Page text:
When Elizabeth and Giovanni Cecchetti began looking for a house in Los Angeles two decades ago, they narrowed the choice to Westwood and Pacific Palisades.
"We considered Westwood Village, which would have been more convenient and less isolated, but the schools in the Palisades, along with the beauty of the area, convinced us to buy in the Palisades," Elizabeth Cecchetti said.
"There is a sense of community in the Palisades that reminds me of a small town," said Cecchetti, whose husband is a professor of Italian at UCLA.
They bought a house in the Marquez Knolls section of the Palisades for slightly more than $70,000, she said. It is probably worth close to $1 million today.
Isolation from the rest of the city of Los Angeles has long been a prized quality in this affluent community of winding streets lined by mature trees, where many houses have Pacific Ocean views.
The isolated location attracted the community's Methodist founders in the 1920s and has been a factor in the Palisades ever since. That isolation has both its good and bad points, according to recent arrivals and longtime residents of this community of about 30,000.
On the positive side, the Palisades is geographically removed from much of the crime, air pollution and traffic congestion that afflicts most of the city. Despite the presence of Will Rogers State Beach, Palisades residents think of their area as a seaside community with more in common with, say, Santa Barbara, than the typical California beach city.
On the negative side, the isolation means that commuters face long drives on Sunset Boulevard or Pacific Coast Highway, the only routes in or out of the Palisades.
One major criticism of the Palisades is that despite the numerous organizations in the community, there are too few activities for teen-agers. Young people seeking entertainment in popular Westwood Village must travel seven winding miles on Sunset Boulevard.
Isolation and relative freedom from crime also has attracted newer residents who can afford houses in a community where the average single-family house sells for more than $600,000.
Moved From Ocean Park
When the Cecchettis moved to the Palisades in 1969, "the husband worked and the wife stayed home to raise the children," Elizabeth Cecchetti recalls. "Now, both work and a baby sitter or housekeeper watches the kids."
Her description fits one of the newest families in Pacific Palisades, Larry and Randi Dubey, who moved recently to a $675,000, 1,700-square-foot house on DePauw Street. They had owned a house in the the Ocean Park section of Santa Monica for the past five years.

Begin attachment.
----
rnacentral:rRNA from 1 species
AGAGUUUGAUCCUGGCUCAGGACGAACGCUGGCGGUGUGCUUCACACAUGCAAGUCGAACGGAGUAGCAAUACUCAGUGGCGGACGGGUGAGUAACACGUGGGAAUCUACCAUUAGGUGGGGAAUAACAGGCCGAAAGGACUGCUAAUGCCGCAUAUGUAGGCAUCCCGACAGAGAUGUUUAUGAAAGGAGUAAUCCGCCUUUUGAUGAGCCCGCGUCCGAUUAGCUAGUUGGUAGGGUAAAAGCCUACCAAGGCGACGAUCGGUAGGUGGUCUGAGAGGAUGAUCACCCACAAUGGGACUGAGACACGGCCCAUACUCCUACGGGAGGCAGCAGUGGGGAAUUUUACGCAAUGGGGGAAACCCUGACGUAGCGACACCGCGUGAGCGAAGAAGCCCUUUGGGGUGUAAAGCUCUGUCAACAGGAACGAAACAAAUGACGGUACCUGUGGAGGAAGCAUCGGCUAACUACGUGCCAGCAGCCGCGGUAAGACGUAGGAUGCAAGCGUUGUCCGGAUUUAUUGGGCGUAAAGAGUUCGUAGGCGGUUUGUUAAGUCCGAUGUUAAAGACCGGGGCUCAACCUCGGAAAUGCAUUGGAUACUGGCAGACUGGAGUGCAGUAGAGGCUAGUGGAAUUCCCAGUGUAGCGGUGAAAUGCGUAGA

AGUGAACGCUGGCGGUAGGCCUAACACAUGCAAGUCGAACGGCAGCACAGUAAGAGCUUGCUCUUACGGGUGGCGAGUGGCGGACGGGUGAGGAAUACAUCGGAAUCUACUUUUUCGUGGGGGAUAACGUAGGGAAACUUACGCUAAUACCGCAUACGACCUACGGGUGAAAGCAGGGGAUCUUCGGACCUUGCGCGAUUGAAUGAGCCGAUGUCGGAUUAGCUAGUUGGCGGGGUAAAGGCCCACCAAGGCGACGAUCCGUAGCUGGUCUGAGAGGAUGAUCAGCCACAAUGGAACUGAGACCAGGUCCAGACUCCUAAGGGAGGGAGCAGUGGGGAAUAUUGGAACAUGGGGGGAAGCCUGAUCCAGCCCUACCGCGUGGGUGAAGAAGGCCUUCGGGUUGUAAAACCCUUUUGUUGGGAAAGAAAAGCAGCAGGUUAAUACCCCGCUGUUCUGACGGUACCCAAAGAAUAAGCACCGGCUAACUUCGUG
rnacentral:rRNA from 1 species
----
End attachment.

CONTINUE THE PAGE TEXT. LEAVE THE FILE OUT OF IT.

"We were looking for a community with less crime than our area of Santa Monica, which wasn't far from Lincoln Boulevard," Randi Dubey said. She's an executive of Sacks SFO, a chain of discount fashion clothiers; her husband is a partner in Ernst & Dubey, a residential contracting firm.
The Dubeys, with two young children, wanted to live in an area where there are other families. With about an 80% to 20% ratio of homeowners to renters, the Palisades is in sharp contrast to Santa Monica, where the ratio is reversed.
"When you're single or don't have children, you can live anywhere," Randi Dubey said. "But when the children come, you start looking for safety. We rented here in 1982 and grew to love the community."
"We like to say that we bought our house because the neighborhood is great and because the kitchen had just been remodeled," Larry Dubey said, adding that the equity in their Santa Monica house, purchased in 1983, was a big help in qualifying for the Palisades house.
According to real estate broker Bud Petrick, whose firm sold the Dubeys their house, virtually every family moving to the Palisades from elsewhere in the Los Angeles area has two incomes and a hefty equity in their previous home.
It's a matter of economics, he said. The latest multiple listing book for the Palisades has an asking price of $475,000 for the least expensive single-family house, with the most expensive, in the Riviera section, listed at $5.3 million. The least expensive condominium is $210,000, a one-bedroom, one-bath unit, he said, while the most expensive condominium lists for $795,000.
According to the Los Angeles Board of Realtors, Pacific Palisades was the second most active area in the city last year, with 395 sales, just behind Silver Lake-Echo Park, with 398. The average price for all 1988 sales in Pacific Palisades was $704,477, a 32.5% increase from the 1987 average price of $531,755.
"The Palisades was largely built up in the 1940s, 1950s and 1960s and, aside from a few lots in Palisades Highlands and tear-down lots elsewhere, there's no place to build here," Petrick said.
Purchased for the Land